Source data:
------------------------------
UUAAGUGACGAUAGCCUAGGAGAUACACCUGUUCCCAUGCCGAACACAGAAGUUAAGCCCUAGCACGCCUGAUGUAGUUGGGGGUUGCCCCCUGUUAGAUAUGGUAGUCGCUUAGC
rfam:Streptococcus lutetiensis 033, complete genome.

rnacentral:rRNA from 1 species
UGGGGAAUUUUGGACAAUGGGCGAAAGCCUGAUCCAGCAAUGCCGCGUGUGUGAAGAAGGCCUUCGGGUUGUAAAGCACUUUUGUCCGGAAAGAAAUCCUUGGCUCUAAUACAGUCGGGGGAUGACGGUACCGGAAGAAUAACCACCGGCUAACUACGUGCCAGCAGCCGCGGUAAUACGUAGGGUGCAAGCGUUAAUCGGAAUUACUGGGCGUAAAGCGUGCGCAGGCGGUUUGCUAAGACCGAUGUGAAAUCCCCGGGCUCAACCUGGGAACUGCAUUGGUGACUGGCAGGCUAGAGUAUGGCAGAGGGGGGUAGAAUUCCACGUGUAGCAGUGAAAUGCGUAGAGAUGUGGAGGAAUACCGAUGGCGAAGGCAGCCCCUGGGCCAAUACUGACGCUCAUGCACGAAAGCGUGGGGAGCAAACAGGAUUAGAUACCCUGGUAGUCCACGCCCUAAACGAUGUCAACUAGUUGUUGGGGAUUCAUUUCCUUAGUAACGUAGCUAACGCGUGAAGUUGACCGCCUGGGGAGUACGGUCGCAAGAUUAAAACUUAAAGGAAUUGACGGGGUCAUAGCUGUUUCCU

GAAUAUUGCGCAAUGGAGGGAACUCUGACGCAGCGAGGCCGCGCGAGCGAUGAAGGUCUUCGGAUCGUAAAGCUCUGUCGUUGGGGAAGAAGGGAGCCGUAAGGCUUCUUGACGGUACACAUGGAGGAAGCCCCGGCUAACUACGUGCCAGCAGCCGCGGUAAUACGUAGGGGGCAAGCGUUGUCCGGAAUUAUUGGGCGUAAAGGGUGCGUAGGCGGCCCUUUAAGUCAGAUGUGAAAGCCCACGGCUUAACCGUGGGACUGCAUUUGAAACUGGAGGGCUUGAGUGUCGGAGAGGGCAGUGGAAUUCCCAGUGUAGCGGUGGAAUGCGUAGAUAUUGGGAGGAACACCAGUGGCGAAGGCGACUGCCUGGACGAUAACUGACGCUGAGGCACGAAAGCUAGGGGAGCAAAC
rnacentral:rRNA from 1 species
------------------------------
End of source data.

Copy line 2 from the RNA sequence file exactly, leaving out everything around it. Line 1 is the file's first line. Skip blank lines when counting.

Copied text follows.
rfam:Streptococcus lutetiensis 033, complete genome.